Felicity Aston walks and watches Antarctica
Associated Press
Crazy or enlightened? When trying to understand the psyche of those who participate in extreme sports, that’s the million-dollar question. 

The most terrifying moments of Felicity Aston’s trip came as she watched the plane that had dropped her off fly away. It finally sank in that she would be by herself for the next two months in a way that very few people in the world ever had been. Fifty-nine days later, she would become the first woman to ski across the continent of Antarctica alone. But at that moment, she just had to take her first step. “You’re looking at a landscape where not only is there no human life, but there’s no life at all,” she says. “Something about that moment, the tiny bits of DNA, the prehistoric me were saying, ‘This is really, really wrong.’ Conquering that fear was the hardest part.”

While overcoming that initial shock may have been the greatest challenge, it was only incrementally greater than the many others Aston knew she would face. Standing became almost unbearable, with every muscle in her body sore from spending 12 hours a day on skis. Sitting wasn’t any better; she had open sores, possibly from exposing her skin to temperatures of 40 below every time she went to the bathroom. Her ribs ached from the bloody cough caused by the dry, cold air. During blinding storms, she became nauseated because she was so disoriented that she couldn’t make out up from down. And at night, alone in her tent, she had difficulty falling asleep as she faced the dread of knowing she’d have to do it all over again tomorrow — and the next day, and the day after that.
Felicity Aston
Courtesy Felicity Aston

It is easy to blame ignorance for attempting such a feat, but Aston knew exactly what she was getting into. An experienced arctic racer, she had spent three continuous years in Antarctica working as a meteorologist and wrote a book, Call of the White: Taking the World to the South Pole, about trekking to the South Pole with a group of women. Which, of course, begs the question: With full knowledge that not only would she be in intense pain but that she’d also be putting her life at risk, is Aston crazy for skiing across the South Pole?

The popularity of extreme sports, from big-wave surfing to ultramarathon racing to BASE jumping, has skyrocketed in recent years, and with this growth have come people who continually push the limits of what we believe the human body is capable of accomplishing.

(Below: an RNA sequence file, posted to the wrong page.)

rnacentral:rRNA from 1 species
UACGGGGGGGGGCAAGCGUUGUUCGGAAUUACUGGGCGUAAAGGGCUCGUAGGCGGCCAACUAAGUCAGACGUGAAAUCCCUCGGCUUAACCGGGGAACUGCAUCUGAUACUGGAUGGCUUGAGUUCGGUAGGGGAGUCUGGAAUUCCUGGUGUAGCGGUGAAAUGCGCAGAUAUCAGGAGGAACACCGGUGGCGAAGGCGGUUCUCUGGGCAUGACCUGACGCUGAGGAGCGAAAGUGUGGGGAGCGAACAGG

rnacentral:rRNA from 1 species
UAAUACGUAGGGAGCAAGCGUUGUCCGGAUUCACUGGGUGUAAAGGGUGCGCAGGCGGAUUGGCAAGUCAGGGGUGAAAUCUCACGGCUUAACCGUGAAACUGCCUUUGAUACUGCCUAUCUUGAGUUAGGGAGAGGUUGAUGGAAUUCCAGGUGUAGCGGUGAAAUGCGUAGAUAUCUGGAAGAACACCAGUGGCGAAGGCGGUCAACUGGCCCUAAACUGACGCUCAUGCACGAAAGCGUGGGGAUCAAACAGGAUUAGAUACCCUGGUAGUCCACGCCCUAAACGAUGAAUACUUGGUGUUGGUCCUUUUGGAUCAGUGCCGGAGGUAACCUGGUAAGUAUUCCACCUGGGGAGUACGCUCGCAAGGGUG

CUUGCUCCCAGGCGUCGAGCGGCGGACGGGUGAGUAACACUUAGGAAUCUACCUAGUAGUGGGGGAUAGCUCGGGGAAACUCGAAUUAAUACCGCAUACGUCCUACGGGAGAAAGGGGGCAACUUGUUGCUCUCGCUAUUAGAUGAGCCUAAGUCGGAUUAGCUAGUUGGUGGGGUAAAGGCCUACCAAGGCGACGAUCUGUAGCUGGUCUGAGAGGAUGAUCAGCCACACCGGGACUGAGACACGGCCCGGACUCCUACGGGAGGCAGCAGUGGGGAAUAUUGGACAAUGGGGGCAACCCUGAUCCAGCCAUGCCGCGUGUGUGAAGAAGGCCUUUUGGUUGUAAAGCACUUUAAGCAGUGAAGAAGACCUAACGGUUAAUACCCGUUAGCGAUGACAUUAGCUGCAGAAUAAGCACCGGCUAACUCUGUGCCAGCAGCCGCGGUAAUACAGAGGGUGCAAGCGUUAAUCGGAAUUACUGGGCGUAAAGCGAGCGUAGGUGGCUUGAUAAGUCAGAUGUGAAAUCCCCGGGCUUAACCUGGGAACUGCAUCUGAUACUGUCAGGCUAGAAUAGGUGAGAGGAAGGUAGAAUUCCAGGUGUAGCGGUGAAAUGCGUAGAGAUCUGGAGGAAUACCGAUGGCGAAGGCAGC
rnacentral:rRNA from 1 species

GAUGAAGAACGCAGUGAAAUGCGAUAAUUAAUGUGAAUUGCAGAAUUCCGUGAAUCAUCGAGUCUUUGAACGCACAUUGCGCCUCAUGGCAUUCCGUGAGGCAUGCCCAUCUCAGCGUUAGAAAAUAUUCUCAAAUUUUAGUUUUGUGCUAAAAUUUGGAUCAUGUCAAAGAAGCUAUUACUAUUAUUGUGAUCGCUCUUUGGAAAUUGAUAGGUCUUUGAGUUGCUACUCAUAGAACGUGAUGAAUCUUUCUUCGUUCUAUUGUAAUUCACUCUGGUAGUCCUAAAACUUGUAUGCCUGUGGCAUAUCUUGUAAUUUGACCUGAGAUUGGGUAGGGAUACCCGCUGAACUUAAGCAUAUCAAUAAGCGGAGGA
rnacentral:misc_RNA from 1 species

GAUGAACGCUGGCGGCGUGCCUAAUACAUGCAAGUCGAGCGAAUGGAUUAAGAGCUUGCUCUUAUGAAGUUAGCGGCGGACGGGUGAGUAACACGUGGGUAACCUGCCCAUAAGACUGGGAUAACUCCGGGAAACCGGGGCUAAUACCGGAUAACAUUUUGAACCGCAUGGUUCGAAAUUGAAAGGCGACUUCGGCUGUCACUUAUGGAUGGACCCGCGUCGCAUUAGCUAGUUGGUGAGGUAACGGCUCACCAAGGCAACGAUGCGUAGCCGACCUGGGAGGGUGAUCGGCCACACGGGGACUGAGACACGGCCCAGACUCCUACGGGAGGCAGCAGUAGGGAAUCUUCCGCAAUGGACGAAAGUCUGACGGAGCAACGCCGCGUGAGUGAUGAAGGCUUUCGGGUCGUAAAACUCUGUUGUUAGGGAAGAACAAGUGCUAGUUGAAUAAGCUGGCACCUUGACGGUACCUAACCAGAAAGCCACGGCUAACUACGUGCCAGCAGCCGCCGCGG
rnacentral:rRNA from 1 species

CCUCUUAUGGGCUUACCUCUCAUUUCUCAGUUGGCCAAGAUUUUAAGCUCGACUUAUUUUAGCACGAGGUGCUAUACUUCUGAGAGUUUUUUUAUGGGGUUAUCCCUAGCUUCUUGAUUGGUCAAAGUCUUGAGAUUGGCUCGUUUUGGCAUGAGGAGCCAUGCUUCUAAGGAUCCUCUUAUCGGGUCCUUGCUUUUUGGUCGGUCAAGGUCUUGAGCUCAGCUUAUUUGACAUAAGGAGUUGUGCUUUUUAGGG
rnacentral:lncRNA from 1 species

But as these sports have matured, the image of those who attempt to master them has failed to catch up. The teens and 20-somethings portrayed in the nascent era of extreme sports, made popular in the early 1990s by shows like MTV Sports, are grown up now, and they are not the ­adrenaline-fueled death seekers that it is so easy to imagine them being, according to several consultants with the Association for Applied Sport Psychology (AASP).

“It’s simplistic to call what they are seeking an adrenaline rush,” says Sam Zizzi, a professor of sport and exercise psychology at West Virginia University and a certified AASP consultant. “I find them to be wired more like artists and people who want to experience a higher level of expression. Maybe they’re wired to experience life a bit more.”

Studies of extreme athletes have found them to be highly educated people motivated by the desire to continually develop their skills, a description that could fit many lawyers, doctors or bankers. They differ, though, in what they seek in life, and when they talk about their goals, your reaction might change from, “Are they crazy?” to “Maybe they are more sane than everyone else.”

As the developed world moves from a manufacturing economy to a knowledge-based one, the need for and opportunities to test one’s physical strength have diminished significantly. Whereas an assembly-line worker may have needed powerful arms to haul heavy equipment and received acknowledgment of his strength from his bosses and colleagues, many workers now are rewarded, in part, for their abilities to sit for most of the day staring at a screen.

“Many people’s jobs do not offer a way to feel fully human,” Zizzi says. “Pushing the potentials of the body is a natural fit in a world that is turning people into sedentary, obese creatures. It’s almost a reaction to the fact that our human existence is inside a box staring at a computer screen. To put your life at risk, to jump off a bridge with a parachute, can sound like a good idea.”

While hundreds of thousands of weekend warriors seek to escape the tedium of the daily grind by tackling a marathon or jumping out of a helicopter with a pair of skis on their feet, scant few throw away the steady paycheck, the 401(k) and the house in the suburbs for a life that allows them to pursue these innate desires with little interference from the traditionally stable path. The material sacrifices — living in a tent for months on end, no health insurance, an uncertain financial future — may seem as terrifying as a 60-foot wave to the average nine-to-fiver, but to those who take the leap, the rewards, be they physical health or spiritual fulfillment, are worth more than the steadiest six-figure paycheck.